October 18, 2016
Sprint’s subscriber growth “is clearly gaining operational momentum,” Jennifer Fritzsche of Wells Fargo Securities wrote this morning, and is likely to surpass analysts’ estimates for net postpaid adds in the third quarter.
But analysts continue to question the carrier’s lack of investment in its network.
Sprint filed preliminary quarterly results with the SEC this morning, and the company offered investors some good news: Total net operating revenues came in at $8.25 billion, up 3 percent year-over-year, and wireless net operating revenues were up 5 percent to $7.85 billion. Sprint said it saw 344,000 net postpaid additions during the quarter and 347,000 net postpaid phone adds, well outpacing the 275,000 predicted by Wells Fargo.
“This is a HUGE deal because wireless revenue showed annual growth only one time in the last eight reported quarters,” Fritzsche wrote in a research note to investors. “Sprint is clearly gaining operational momentum in terms of subscriber growth. Recall, we were the highest on the Street in terms of postpaid net adds … and the company still beat us by almost 75,000. In our view, Sprint’s value message and improved network experience is beginning to resonate with customers.”
Fritzsche reiterated Wells Fargo’s rating of outperform for Sprint shares. Analysts at New Street Research echoed Fritzsche’s sentiments:
“Overall it appears that the positive momentum at Sprint is being sustained,” New Street analysts wrote. “Expect the stock to perform well today.”
Analysts generally agree that Sprint has effectively addressed concerns about liquidity – for the short term, at least – and should be able to meet its substantial debt obligations through next year. And the carrier has made solid strides in growing its base of postpaid subscribers in recent quarters.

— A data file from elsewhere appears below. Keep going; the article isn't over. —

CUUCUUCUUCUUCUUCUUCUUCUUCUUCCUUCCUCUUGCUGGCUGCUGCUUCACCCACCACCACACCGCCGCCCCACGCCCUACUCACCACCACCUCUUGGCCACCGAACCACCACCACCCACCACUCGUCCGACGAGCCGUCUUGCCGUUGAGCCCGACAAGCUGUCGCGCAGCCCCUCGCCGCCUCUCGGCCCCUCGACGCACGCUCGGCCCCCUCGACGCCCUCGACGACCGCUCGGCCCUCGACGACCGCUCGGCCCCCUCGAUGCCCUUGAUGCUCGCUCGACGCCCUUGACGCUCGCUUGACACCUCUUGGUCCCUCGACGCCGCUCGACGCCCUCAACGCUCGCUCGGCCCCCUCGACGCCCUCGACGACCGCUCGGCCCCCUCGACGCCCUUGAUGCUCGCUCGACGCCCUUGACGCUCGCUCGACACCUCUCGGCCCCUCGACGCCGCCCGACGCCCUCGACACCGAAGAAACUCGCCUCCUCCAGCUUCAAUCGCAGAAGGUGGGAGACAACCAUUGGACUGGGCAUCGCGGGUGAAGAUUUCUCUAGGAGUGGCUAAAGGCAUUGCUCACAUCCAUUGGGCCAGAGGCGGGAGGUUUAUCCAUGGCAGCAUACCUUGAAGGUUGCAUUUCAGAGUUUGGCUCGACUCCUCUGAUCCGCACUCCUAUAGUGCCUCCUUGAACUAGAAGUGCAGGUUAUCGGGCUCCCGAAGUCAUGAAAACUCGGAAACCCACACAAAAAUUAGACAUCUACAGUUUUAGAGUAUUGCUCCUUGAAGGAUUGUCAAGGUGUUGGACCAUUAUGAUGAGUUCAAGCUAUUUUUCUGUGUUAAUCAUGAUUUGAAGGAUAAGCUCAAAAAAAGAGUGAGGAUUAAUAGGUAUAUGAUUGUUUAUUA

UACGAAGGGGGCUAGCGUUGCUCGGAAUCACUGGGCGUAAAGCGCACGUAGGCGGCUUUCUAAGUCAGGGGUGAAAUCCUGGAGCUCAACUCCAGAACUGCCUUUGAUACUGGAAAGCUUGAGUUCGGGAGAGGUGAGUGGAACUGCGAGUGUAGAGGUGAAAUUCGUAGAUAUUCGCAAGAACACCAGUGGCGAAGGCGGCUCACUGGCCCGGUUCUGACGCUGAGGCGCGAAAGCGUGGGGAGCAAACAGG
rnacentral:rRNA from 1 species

The preliminary figures weren’t entirely positive, however. Sprint plans to post a net loss of 427,000 prepaid users during the quarter, significantly more than Wells Fargo’s estimate of 250,000. And New Street Research noted that Sprint didn’t offer data “on service revenue turnaround that some have been looking for.”
And analysts once again pointed to Sprint’s surprisingly low capex, which continues to raise eyebrows. “Relative to our expectations, more than half the beat was driven by lower capex.”
The nation’s fourth-largest mobile operator attracted attention in May when it lowered its capex guidance for the rest of the year to $3 billion, down significantly from analysts’ estimates in the range of $4.5 billion. And it spent $376 million on capex in the second quarter of 2016, which marked a dramatic decrease from the $1.6 billion it spent during the same period in 2015.
Sprint’s network capex during the latest quarter came in at $470 million, far lower than New Street’s estimate of $763 million. Sprint has long maintained that its strategy of deploying small cells enables it to increase coverage and boost capacity much more affordably than traditional macrocell buildouts, but analysts continue to question whether that strategy is viable over the long haul.
“Furthermore, postpaid competition is set to increase as cable enters the wireless market next year, and capex appears to be unsustainably low (network quality may deteriorate as Sprint ramps subscribers while starving the network of investment),” New Street analysts wrote. “We continue to believe the company’s best option at this point is to attempt a deal with T-Mobile, which would create a significant amount of synergies and would give it the scale necessary to compete vs. the incumbents and cable.”